All you need to know about English Mortgage


In this article, we examine what a mortgage is, the various types of mortgages and the facets of an English Mortgage

When you take a home loan, the same is secured by way of a mortgage. The Transfer of Property Act, 1882, defines a mortgage and enumerates various types of mortgages. Let us understand what a mortgage is, the various types of mortgages and the facets of an English Mortgage.

 

Definition and types of mortgages

Section 58(a) of the Transfer of Property Act, 1882, defines a mortgage as under:

“A mortgage is the transfer of an interest in specific immovable property for the purpose of securing the payment of money advanced or to be advanced by way of loan, an existing or future debt, or the performance of an engagement which may give rise to a pecuniary liability.”

From the definition, it becomes apparent that a mortgage is done only for an immovable property, in order to secure repayment of a present, as well as future liability.

Second 58 further enumerates six types of mortgages as under:

  1. Simple mortgage.
  2. Mortgage by conditional sale.
  3. Usufructuary mortgage.
  4. English mortgage.
  5. Mortgage by deposit of title deed (This is most prevalent in case of home loan transactions and is also known as equitable mortgage).
  6. Anomalous mortgage.

Out of the above, only two types of mortgages, i.e., simple mortgage and mortgage by deposit of title deed, are prevalent in India and others are of academic interest only in India.

 

What is an English Mortgage and what are its main features

An English Mortgage is defined under Section 58(e) of the Transfer of Property Act, 1882, as under:

“Where the mortgagor binds himself to repay the mortgage-money on a certain date, and transfers the mortgaged property absolutely to the mortgagee, but subject to a proviso that he will re-transfer it to the mortgagor upon payment of the mortgage-money as agreed, the transaction is called an English mortgage.”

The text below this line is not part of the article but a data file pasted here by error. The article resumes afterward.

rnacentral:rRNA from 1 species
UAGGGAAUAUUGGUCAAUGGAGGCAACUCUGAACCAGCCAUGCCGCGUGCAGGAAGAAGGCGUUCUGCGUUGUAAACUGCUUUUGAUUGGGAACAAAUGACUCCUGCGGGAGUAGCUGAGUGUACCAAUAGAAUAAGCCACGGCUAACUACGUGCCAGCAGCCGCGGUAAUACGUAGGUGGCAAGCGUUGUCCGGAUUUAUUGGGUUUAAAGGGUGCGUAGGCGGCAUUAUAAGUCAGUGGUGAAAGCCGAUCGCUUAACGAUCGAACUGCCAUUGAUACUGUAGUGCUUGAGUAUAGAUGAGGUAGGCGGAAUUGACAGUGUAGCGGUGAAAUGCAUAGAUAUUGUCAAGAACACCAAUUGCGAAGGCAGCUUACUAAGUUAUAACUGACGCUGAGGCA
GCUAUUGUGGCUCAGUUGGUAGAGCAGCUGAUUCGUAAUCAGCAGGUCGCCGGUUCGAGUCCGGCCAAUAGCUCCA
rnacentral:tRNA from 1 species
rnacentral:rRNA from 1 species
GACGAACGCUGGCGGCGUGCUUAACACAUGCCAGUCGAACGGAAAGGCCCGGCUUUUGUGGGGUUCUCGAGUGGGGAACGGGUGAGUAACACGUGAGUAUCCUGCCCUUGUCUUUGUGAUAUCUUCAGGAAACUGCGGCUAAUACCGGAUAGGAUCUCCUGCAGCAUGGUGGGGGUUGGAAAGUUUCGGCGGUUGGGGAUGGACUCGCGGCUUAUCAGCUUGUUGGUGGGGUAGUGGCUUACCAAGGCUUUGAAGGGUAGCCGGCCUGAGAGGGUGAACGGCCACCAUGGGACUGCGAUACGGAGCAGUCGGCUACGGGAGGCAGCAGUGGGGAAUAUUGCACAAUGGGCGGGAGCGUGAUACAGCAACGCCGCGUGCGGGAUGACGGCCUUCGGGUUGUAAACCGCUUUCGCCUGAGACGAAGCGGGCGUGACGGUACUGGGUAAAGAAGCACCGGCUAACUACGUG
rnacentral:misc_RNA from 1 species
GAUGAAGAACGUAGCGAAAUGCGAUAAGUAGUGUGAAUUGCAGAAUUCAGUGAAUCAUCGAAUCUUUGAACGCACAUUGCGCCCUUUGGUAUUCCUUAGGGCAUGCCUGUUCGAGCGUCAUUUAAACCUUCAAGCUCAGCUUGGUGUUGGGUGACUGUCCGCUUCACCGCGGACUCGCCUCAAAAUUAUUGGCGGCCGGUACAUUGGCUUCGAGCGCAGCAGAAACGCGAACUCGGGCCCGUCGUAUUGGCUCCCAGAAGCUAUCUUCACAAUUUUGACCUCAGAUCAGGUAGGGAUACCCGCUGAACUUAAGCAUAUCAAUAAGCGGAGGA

From the definition, it becomes apparent that for all practical purposes the transaction is a proper sale, except that the mortgagor has to give a binding commitment to the lender that he will repay the money on a prefixed date. As the mortgagor is transferring the immovable property absolutely to the mortgagee, like a proper sale transaction, the transaction will be subject to applicable stamp duty on the market value of the property, on the date of execution of the documents of English mortgage. This document is required to be registered also as a sale deed, under the provisions of the Indian Registration Act, 1908.

The sale agreement will have a covenant specifying the date when the monetary liability will be discharged by the mortgagor. The agreement also needs to have a promise on the part of the mortgagee to re-transfer the property to the original owner of the property, on receipt of the payment. On payment of the amount outstanding, with interest, on the future date as specified, the lender is under an obligation to re-transfer the property to the mortgagor.

In case the mortgagor fails to repay the money on the dates agreed upon, nothing is required of the mortgagee. The mortgagee simply becomes an absolutely owner, without any obligation to re-transfer the property to the borrower in future. He can deal with the property the way he wishes to.

 

All you need to know about English Mortgage

 

How is English mortgage different from mortgage by conditional sale?

Before we attempt to understand the difference between an English mortgage and a mortgage by conditional sale, let us look at the definition of a mortgage by conditional sale, which is contained in Section 58(c) of the Transfer of Property Act, 1882, as under:

“Where the mortgagor ostensibly sells the mortgaged property – on condition that on default of payment of the mortgage-money on a certain date the sale shall become absolute, or on condition that on such payment being made the sale shall become void, or on condition that on such payment being made the buyer shall transfer the property to the seller, the transaction is called a mortgage by conditional sale and the mortgagee, a mortgagee by conditional sale: